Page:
And boy, do I feel like I am already so different from the person I was a mere couple of months ago, before becoming a parent!

I could go on and on about the various spiritual lessons I feel I have learned since having a baby.  However, I feel there is one encompassing one that rules them all (yes, much like a certain ring): that of love.

Now this might come as blasphemous, so let me begin by saying that in no way so I ever expect to be able to even come close to understanding God.  But I do believe that we can gain smidgens of glimmerings of understanding, tiny atoms of it compared to the greatness of extent of knowledge that exists.

We are told in all Sacred Writings that God loves us.  But many times, we can think that God can’t love us because we are so messed up; or that God doesn’t love us because look at all the horrible things He is letting happen to us.

When I look down at my baby, I don’t feel like I can even not love her.  I went around a wide circle of parents that I know; some of them have been parents only a little longer than my husband and I, while others have grandchildren; some of them have angels for children while others suffer the consequences of the actions of their children daily.  And every single one of them said the same thing: they cannot not love their children.

So if we, limited little humans, are capable of this kind of love, then definitely an all-Mighty and Perfect God can love us, however messed up we may be.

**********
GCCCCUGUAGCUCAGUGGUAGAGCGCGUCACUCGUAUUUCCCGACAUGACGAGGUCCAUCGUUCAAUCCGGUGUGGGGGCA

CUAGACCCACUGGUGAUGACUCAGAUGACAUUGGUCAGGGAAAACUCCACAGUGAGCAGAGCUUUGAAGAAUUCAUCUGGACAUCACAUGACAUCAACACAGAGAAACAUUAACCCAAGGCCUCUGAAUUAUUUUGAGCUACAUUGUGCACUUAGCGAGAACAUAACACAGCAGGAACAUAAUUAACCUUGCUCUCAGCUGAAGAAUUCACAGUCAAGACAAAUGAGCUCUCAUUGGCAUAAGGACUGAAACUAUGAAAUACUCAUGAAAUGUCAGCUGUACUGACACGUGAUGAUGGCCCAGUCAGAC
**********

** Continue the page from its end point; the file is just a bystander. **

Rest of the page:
There are some things that I have to allow to happen to my baby that she really doesn’t like—some of which actually make her suffer.  I’m thinking for example about vaccinations.  In her view, the ones who rule her world—her father and I—are allowing a terrible thing to happen to her.  But of course, her father and I know that the vaccines are necessary for her, that in the long run, not vaccinating her could be lead to a much greater deal of pain than the 24 hours of suffering she went through.  Our love has to go beyond her immediate needs, and accept her pain and be there for her as she sobs her way through the afternoon.

God, then, doesn’t allow horrible things to happen to us; rather, there are horrible things we have to go through in the short run so that, in the long run, we don’t suffer even more.  His Love is what allows for these terrible things to continue happening, because He knows that if He swoops in—which He can—the suffering might ease in the very short term, but will be much worse in the long term.

All of this helps me as a parent and a person.  As a parent, it helps me prepare for the pain my baby/child/teenager will go through when I deny them something or put them through another difficult situation.  As a person, it helps me understand that basically, that is what God is doing when things seems to be going irreparably wrong.  And as a blogger, it makes for quite the powerful blog post.

Why I Decided To Take Precious Time Away From My Baby To Start Blogging Again

My blogging journey—an incredible, fulfilling one that has given me so much—started almost nine and a half years ago right here in Sahar’s Blog.  I never intended to stop blogging—that is, until I had a baby.